• Lizard
    Surely the customers lending our money to them for them to reap 2-10 times the profit we make from the "interest" the 0.01% constitutes means that actually us customers are providing a service to the banks? Where would they get their 100 billion bonuses from if we all stuck our wages under the mattress?
  • IfYouCopyMyNameYouAreGayToo
    "Posted by IfYouCopyMyNameYouAreGay | October 31st, 2009 at 2:25 pm" Hey, there are just soooo many of us queens about aren't there? I stuff my money in my mattress (no charges either) and haven't had any complaints yet!
  • Mark
    Now that they can't rip off people who go overdrawn or pay late, they're coming for the rest of us.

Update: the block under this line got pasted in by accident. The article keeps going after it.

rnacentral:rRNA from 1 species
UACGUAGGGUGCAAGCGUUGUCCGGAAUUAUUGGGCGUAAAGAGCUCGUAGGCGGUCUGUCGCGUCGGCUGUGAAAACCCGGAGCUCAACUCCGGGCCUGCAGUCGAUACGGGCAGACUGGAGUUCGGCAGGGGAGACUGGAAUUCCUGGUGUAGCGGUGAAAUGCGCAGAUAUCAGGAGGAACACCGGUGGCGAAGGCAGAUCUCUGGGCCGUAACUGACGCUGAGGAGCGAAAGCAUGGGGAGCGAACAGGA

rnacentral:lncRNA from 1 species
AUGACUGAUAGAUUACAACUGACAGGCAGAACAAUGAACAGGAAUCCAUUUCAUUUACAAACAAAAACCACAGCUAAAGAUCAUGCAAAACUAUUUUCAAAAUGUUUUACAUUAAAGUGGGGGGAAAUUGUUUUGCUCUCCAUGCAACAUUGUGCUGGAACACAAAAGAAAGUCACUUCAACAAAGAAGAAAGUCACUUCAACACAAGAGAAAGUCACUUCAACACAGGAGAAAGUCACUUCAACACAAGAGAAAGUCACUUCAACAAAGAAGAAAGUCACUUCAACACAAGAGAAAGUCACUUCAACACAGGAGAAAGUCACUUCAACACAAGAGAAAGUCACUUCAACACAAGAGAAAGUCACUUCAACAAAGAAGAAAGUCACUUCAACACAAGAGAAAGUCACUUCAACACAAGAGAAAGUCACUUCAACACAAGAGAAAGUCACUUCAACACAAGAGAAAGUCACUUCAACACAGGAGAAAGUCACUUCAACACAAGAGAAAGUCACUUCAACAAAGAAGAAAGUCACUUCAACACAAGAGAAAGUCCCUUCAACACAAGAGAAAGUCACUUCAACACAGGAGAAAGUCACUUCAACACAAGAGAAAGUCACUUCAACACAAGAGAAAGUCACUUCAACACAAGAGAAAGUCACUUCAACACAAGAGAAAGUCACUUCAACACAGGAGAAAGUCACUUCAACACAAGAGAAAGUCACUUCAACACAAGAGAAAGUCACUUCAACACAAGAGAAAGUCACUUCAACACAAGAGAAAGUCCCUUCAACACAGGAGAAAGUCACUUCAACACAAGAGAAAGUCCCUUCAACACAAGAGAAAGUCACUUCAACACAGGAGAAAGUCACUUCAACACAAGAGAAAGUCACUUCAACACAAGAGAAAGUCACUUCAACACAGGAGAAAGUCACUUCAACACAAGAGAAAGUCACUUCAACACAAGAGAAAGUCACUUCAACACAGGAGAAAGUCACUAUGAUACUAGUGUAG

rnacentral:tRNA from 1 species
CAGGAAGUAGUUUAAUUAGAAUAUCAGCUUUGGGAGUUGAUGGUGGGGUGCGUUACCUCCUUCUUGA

• Simon
    Posted by Lizard | October 31st, 2009 at 6:27 pm - Where would they get their 100 billion bonuses from if we all stuck our wages under the mattress? The truth is all the banks would fold if people took their money out. Every single bank (including the BOE) is insolvent. They operate using Fractional Reserve Banking, they can print money whenever any deposits cash in their accounts or they lend anyone money. There isn't a bank in the Western world with the funds to actually pay off its accountees.
  • Michael
    Cheers Martin!
    One of the guys I work with swears by banking in Silver Bullion. The best way to make a swift return on your bucs at this time!
  • Maude
    @Matt-S: 'surely that 44% number includes business and merchant accounts, which have always been paid for.' Abbey have been offering free business banking for a very long time.